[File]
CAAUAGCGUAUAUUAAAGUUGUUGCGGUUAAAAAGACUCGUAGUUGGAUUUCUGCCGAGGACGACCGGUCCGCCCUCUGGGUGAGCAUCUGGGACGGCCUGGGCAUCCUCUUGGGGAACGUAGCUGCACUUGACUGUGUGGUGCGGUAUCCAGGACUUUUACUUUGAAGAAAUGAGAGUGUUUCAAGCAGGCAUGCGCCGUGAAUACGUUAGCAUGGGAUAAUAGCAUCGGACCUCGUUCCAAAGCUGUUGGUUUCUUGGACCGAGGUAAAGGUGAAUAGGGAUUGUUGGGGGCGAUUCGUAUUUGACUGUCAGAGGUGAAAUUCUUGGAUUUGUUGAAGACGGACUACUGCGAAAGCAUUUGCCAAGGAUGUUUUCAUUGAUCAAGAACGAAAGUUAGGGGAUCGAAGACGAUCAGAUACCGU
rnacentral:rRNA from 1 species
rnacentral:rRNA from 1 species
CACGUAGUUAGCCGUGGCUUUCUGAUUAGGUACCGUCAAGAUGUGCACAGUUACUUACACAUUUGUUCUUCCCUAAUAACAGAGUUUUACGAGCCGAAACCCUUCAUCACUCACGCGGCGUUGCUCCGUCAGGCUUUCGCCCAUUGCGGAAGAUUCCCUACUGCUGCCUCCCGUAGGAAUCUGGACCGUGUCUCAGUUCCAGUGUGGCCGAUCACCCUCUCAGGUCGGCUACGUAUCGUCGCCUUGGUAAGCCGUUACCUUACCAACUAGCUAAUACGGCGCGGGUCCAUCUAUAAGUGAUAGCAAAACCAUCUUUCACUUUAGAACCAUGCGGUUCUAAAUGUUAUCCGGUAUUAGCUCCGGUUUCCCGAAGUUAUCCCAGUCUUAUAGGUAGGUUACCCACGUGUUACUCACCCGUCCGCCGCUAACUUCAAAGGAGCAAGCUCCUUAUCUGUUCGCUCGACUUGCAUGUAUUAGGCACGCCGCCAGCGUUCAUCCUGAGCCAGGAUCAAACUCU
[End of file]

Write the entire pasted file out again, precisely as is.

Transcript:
CAAUAGCGUAUAUUAAAGUUGUUGCGGUUAAAAAGACUCGUAGUUGGAUUUCUGCCGAGGACGACCGGUCCGCCCUCUGGGUGAGCAUCUGGGACGGCCUGGGCAUCCUCUUGGGGAACGUAGCUGCACUUGACUGUGUGGUGCGGUAUCCAGGACUUUUACUUUGAAGAAAUGAGAGUGUUUCAAGCAGGCAUGCGCCGUGAAUACGUUAGCAUGGGAUAAUAGCAUCGGACCUCGUUCCAAAGCUGUUGGUUUCUUGGACCGAGGUAAAGGUGAAUAGGGAUUGUUGGGGGCGAUUCGUAUUUGACUGUCAGAGGUGAAAUUCUUGGAUUUGUUGAAGACGGACUACUGCGAAAGCAUUUGCCAAGGAUGUUUUCAUUGAUCAAGAACGAAAGUUAGGGGAUCGAAGACGAUCAGAUACCGU
rnacentral:rRNA from 1 species
rnacentral:rRNA from 1 species
CACGUAGUUAGCCGUGGCUUUCUGAUUAGGUACCGUCAAGAUGUGCACAGUUACUUACACAUUUGUUCUUCCCUAAUAACAGAGUUUUACGAGCCGAAACCCUUCAUCACUCACGCGGCGUUGCUCCGUCAGGCUUUCGCCCAUUGCGGAAGAUUCCCUACUGCUGCCUCCCGUAGGAAUCUGGACCGUGUCUCAGUUCCAGUGUGGCCGAUCACCCUCUCAGGUCGGCUACGUAUCGUCGCCUUGGUAAGCCGUUACCUUACCAACUAGCUAAUACGGCGCGGGUCCAUCUAUAAGUGAUAGCAAAACCAUCUUUCACUUUAGAACCAUGCGGUUCUAAAUGUUAUCCGGUAUUAGCUCCGGUUUCCCGAAGUUAUCCCAGUCUUAUAGGUAGGUUACCCACGUGUUACUCACCCGUCCGCCGCUAACUUCAAAGGAGCAAGCUCCUUAUCUGUUCGCUCGACUUGCAUGUAUUAGGCACGCCGCCAGCGUUCAUCCUGAGCCAGGAUCAAACUCU